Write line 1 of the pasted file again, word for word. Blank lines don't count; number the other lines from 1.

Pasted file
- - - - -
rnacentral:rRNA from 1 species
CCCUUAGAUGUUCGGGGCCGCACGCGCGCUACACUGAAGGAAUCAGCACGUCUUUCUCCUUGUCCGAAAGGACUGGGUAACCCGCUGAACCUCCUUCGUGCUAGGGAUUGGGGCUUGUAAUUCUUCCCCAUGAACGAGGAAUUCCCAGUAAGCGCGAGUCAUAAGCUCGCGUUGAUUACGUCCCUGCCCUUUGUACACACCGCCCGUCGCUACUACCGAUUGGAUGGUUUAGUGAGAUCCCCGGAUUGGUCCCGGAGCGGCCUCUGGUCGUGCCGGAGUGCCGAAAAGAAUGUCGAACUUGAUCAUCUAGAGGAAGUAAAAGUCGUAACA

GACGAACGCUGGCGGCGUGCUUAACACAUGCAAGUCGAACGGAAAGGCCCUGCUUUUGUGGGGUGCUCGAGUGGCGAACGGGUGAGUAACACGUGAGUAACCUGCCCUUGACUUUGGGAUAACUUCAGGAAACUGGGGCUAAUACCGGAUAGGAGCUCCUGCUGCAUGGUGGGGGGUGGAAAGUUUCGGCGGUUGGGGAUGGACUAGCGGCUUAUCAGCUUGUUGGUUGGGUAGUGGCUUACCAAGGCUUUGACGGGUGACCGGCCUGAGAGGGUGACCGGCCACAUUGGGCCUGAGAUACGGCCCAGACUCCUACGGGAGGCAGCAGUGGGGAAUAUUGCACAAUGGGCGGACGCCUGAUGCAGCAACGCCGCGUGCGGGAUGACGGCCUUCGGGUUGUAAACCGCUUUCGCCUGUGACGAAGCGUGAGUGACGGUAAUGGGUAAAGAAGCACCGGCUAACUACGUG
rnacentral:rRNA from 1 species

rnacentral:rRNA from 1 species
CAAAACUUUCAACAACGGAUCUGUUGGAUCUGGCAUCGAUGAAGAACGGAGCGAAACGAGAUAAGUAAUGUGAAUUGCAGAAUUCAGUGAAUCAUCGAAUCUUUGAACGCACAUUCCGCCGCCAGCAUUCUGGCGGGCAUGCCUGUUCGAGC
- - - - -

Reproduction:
rnacentral:rRNA from 1 species